Sudan in ‘state of emergency’ as ‘complete coup’ underway amid violent protests

SUDAN has declared a “state of emergency” after the country’s army dissolved the government in what the nation’s PM is calling a “complete coup”.

Thousands have taken to the streets in protest in the capital Khartoum after the interim prime minister, Abdalla Hamdok, and five other senior officials were detained.


Sudan has declared a ‘state of emergency’Credit: EPA
Protesters on the streets of Khartoum after the coup


Protesters on the streets of Khartoum after the coupCredit: Reuters
Prime Minister Abdalla Hamdok has been placed under house arrest


Prime Minister Abdalla Hamdok has been placed under house arrestCredit: EPA

The military takeover was announced on TV on Monday by General Abdel Fattah Burhan – the chair of the sovereign council that has been overseeing the new government.

General Burham said the military was intervening due to arguments among political factions and that he would appoint a technocratic government – a system where decision-makers are chosen for their expertise, not popularity.

The military would prepare for the country for the next election in July 2023, he said.

On Monday Mr Hamdok’s office said on Facebook that he and his wife had been arrested in a “complete coup”.

Forces from the military and from the powerful, paramilitary Rapid Support Forces, who are led by a ruthless former warlord, are stationed in the streets in Khartoum.

“Civilian members of the transitional sovereign council and a number of ministers from the transitional government have been detained by joint military forces,” the information ministry said.

“They have been led to an unidentified location.”

In response, the country’s main pro-democracy group and the largest political party urged people to take to the streets.

The Sudanese Professionals Association, an umbrella group of trade unions that were key in ending the rule of dictator Omar al-Bashir in 2019, denounced what it called a “military coup” and urged demonstrators “to fiercely resist” it.

Thousands of people flooded the streets of the capital city Khartoum and its twin city of Omdurman.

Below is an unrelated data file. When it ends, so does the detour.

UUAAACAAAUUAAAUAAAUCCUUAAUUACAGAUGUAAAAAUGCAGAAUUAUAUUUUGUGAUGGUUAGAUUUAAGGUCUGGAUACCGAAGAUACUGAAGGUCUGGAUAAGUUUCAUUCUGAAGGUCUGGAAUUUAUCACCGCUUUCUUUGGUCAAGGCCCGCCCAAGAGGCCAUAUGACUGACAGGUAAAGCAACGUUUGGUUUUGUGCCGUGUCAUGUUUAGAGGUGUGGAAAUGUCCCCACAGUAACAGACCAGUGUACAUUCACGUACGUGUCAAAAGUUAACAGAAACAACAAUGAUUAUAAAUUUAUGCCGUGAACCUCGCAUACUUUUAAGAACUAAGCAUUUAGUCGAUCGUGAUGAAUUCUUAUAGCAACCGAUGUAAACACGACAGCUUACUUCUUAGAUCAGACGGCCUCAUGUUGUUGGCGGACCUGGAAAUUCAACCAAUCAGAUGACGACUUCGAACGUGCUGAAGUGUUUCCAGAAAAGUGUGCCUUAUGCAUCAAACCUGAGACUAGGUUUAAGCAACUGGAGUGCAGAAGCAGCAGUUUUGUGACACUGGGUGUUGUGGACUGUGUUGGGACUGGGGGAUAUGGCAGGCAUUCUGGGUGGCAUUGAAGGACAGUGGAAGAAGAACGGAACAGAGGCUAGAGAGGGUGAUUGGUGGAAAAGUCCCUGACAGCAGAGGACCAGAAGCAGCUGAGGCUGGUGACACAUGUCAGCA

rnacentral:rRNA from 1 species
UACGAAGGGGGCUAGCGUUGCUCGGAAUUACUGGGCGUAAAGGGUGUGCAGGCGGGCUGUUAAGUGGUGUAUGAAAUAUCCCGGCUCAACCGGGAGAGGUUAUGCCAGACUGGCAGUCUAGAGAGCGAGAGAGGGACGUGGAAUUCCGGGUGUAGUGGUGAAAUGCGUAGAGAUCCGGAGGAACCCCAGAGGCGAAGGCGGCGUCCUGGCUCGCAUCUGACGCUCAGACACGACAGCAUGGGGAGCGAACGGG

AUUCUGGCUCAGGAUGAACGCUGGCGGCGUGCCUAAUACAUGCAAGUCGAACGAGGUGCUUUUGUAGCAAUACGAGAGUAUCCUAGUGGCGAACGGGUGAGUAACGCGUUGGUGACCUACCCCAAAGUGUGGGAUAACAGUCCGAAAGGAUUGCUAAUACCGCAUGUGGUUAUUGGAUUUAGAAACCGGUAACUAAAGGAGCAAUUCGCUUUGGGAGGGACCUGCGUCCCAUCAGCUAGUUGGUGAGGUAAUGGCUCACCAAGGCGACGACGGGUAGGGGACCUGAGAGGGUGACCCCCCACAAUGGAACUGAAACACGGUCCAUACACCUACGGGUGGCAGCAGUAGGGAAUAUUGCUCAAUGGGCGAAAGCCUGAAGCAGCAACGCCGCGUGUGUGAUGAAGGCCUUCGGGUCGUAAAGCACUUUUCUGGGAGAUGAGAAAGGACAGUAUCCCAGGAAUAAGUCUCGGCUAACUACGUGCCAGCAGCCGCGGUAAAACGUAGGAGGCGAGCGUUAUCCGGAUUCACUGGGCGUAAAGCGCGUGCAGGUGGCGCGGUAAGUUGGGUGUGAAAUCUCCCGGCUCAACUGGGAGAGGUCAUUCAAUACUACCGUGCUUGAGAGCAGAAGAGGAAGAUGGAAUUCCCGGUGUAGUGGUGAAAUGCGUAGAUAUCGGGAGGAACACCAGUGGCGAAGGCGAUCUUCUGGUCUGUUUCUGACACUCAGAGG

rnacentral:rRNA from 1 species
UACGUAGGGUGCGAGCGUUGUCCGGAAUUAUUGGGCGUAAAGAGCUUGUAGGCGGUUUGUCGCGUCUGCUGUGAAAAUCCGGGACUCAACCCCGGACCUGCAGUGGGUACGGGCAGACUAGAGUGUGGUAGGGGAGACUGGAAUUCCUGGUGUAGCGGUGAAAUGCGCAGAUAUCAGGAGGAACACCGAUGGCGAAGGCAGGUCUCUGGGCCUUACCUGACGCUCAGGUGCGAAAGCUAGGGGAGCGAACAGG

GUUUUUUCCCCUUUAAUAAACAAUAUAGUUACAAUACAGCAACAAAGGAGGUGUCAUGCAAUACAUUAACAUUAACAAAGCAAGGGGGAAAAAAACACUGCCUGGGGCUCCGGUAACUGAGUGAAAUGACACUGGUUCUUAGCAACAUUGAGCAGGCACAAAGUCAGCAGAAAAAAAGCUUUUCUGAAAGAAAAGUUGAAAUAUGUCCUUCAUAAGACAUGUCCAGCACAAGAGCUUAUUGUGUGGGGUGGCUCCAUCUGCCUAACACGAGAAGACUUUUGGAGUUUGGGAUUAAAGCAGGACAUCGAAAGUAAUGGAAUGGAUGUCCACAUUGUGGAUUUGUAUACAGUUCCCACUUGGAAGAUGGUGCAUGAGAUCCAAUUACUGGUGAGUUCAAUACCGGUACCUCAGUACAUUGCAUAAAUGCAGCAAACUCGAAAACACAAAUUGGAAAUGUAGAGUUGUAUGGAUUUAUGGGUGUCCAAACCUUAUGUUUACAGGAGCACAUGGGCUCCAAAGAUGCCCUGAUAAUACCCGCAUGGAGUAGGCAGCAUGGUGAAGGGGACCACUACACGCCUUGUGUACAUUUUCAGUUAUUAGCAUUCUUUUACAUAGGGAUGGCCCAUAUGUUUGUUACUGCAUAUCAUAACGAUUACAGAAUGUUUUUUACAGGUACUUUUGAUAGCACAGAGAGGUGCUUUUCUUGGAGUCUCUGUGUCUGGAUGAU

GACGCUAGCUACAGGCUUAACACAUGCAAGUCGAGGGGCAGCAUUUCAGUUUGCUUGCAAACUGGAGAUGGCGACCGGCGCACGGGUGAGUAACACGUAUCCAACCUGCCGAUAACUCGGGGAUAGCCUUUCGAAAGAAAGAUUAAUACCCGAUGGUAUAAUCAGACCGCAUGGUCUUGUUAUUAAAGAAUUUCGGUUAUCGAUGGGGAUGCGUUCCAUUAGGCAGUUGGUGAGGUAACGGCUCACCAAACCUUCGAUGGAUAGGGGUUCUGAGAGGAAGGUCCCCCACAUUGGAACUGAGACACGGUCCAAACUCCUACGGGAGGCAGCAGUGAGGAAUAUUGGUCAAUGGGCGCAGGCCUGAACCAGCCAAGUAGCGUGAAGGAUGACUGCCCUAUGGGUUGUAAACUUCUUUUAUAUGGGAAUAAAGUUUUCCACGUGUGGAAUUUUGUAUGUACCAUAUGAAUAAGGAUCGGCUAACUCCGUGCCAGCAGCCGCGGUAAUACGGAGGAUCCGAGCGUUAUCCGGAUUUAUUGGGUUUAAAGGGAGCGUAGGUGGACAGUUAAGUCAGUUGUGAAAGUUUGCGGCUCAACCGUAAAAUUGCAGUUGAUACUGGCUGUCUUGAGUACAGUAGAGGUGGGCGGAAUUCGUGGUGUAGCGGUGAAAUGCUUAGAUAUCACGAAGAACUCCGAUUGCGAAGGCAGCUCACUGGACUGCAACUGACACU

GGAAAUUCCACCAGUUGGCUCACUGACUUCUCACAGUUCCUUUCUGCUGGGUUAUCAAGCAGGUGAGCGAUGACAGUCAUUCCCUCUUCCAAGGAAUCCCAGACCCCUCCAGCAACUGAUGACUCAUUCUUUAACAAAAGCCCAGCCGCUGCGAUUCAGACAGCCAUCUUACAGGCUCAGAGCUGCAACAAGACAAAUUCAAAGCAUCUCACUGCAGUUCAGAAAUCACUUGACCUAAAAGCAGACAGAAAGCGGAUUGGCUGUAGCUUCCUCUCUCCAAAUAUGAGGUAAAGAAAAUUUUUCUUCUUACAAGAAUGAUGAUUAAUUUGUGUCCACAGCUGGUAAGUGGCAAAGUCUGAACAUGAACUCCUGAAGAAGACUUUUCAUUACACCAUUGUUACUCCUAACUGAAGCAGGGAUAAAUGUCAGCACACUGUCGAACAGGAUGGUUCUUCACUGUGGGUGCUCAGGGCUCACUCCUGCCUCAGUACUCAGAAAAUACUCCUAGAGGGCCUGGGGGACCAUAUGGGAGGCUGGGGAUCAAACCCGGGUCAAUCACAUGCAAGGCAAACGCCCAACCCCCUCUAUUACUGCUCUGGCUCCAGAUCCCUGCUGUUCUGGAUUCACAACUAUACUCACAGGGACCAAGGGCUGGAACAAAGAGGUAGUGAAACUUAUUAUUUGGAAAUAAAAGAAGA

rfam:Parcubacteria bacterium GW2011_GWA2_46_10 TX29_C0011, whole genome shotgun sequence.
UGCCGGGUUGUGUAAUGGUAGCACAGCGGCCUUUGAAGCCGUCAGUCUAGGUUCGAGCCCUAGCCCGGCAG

At least three people have been killed and another 80 injured in the protests.

Footage shared online appeared to show protesters blocking streets and setting fire to tires as security forces used tear gas to disperse them.

Internet services were cut across the country and the main roads and bridges connecting Khartoum were closed, the information ministry said.


Khartoum airport was shut and international flights were suspended, according to the Dubai-based al-Arabiya TV channel.

Sudan has been on edge since a failed coup plot last month unleashed bitter recriminations between military and civilian groups.

They had shared power following the ousting al-Bashir, who was toppled and jailed after months of street protests.

A political transition agreed after his ouster has seen Sudan emerge from its isolation under three decades of rule by Bashir and was meant to lead to elections by the end of 2023.

Sudan remains in the middle of an economic crisis with high inflation and shortages of basic goods.

US Special Envoy Jeffrey Feltman said the United States was deeply alarmed at reports of a military takeover of the transitional government in Sudan.

Opposition groups called for Sudanese to resist the coup


Opposition groups called for Sudanese to resist the coupCredit: AFP
Thousands took to the streets in response


Thousands took to the streets in responseCredit: AFP
A protester with the country's flag beside a burning barricade


A protester with the country’s flag beside a burning barricadeCredit: Reuters

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